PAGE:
Association for Behavior Analysis International

The Association for Behavior Analysis International® (ABAI) is a nonprofit membership organization with the mission to contribute to the well-being of society by developing, enhancing, and supporting the growth and vitality of the science of behavior analysis through research, education, and practice.

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First International Conference; Italy, 2001

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Paper Session #51
Drug Effects on Timing and Self-Control
Thursday, November 29, 2001
3:00 PM–3:50 PM
Hall of the Ceiling
Area: BPH
Chair: Marc N. Branch (University of Florida)
 
Timing and Non-Timing Variables that Determine Drug Effects on Temporally Organized
Domain: Applied Behavior Analysis
DAVID WAYNE SCHAAL (West Virginia University)
 
Abstract: Although it has become popular to attribute drug-induced changes in temporally organized behavior to alterations in an underlying timing process, these interpretations are complicated by the fact that drugs often alter operant behavior in a manner that depends on baseline response rates. If timing is indicated by the distribution of different response rates in time, then rate-dependent effects of drugs may be interpreted, mistakenly, as timing-dependent effects. Even when timing is indicated by changes in the proportion of responses on one of two keys or levers, drugs may alter the behavior without necessarily altering an underlying timing process. In this presentation, data from our laboratory using pigeons and rats responding under various operant procedures that produce temporally organized behavior are presented. Effects of the drugs morphine and d- amphetamine, which produce large and reliable changes in timed performance under these procedures, are examined with the goal of determining to what extent timing-based variables vs. non-timing-based variables are involved in these drugs' effect.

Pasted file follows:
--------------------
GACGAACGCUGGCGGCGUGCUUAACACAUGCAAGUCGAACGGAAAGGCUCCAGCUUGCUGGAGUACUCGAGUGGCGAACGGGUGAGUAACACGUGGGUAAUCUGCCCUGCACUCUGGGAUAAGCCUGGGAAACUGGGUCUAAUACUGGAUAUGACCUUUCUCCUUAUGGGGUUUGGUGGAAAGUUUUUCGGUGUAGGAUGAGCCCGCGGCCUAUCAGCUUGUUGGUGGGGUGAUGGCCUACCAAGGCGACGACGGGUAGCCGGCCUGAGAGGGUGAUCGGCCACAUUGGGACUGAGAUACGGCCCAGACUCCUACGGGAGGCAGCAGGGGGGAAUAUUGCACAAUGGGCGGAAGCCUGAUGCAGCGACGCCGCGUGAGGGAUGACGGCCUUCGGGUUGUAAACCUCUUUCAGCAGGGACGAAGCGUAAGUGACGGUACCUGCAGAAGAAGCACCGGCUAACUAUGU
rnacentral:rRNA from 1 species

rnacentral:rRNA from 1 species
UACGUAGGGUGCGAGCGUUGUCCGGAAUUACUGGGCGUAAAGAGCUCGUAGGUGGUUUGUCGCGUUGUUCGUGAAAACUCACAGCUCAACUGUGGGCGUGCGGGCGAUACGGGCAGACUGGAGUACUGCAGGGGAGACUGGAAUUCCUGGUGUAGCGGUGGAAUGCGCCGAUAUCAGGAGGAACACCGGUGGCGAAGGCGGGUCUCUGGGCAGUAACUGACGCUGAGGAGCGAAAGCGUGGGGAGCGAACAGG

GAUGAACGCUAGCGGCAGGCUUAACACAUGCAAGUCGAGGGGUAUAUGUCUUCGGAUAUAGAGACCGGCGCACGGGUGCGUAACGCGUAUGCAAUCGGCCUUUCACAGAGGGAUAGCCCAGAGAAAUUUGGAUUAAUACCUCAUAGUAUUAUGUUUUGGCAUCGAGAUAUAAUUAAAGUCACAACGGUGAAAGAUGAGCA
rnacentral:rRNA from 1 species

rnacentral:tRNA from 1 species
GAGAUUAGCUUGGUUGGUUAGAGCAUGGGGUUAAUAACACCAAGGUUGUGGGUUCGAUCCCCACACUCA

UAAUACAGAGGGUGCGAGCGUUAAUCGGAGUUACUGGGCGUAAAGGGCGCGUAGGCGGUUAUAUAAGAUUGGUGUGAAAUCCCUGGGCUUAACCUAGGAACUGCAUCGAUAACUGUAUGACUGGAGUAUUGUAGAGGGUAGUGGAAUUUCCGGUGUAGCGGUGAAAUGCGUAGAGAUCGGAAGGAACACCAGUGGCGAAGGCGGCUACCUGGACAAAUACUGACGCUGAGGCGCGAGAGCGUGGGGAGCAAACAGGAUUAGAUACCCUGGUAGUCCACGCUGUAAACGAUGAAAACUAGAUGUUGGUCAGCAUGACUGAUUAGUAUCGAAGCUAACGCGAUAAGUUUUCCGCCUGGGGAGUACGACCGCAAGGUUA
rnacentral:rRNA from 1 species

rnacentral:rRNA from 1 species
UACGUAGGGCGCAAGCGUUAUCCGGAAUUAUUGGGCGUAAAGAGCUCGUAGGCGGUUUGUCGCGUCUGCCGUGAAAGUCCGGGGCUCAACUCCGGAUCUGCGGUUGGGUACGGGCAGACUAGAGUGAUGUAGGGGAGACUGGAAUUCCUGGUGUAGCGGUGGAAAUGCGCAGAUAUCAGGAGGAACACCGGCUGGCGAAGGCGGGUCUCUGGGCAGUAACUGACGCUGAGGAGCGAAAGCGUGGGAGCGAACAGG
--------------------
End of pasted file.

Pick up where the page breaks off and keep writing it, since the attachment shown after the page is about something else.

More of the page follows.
Quantitative Analyses of Drug Effects on "Self-Control" Choices: Implications for Behavioral Mechanisms
Domain: Applied Behavior Analysis
RAYMOND C. PITTS (University of North Carolina Wilmington)
 
Abstract: It has been suggested that a major goal of behavioral pharmacology is to identify "behavioral mechanisms" of drug action. Presumably, this approach involves elucidating the ways that drugs alter the variables of which behavior is a function. Identification of behavioral mechanisms, however, is complicated by the fact that behavior nearly always is multiply determined. For example, patterns of behavior maintained under "self-control" procedures involve at least the combined effects of reinforcement amount and reinforcement delay. Thus, it is difficult to determine whether a given drug effect under these conditions reflects a change in control by reinforcement delay, reinforcement amount, or both. The purpose of this address is to present a quantitative approach for identifying behavioral mechanisms of drug effects on self-control choices. By applying the logarithmic form of the generalized the matching law, and incorporating a hyperbolic delay-discounting model, it is proposed that drug-induced changes in delay discounting might be separated from drug-induced changes in "reinforcement efficacy." It is hoped that quantitative analyses of this sort can help elucidate behavioral mechanisms of drug action and, thus, provide direct empirical support for the notion as a theoretical framework in which to understand behavioral actions of drugs.
 
 

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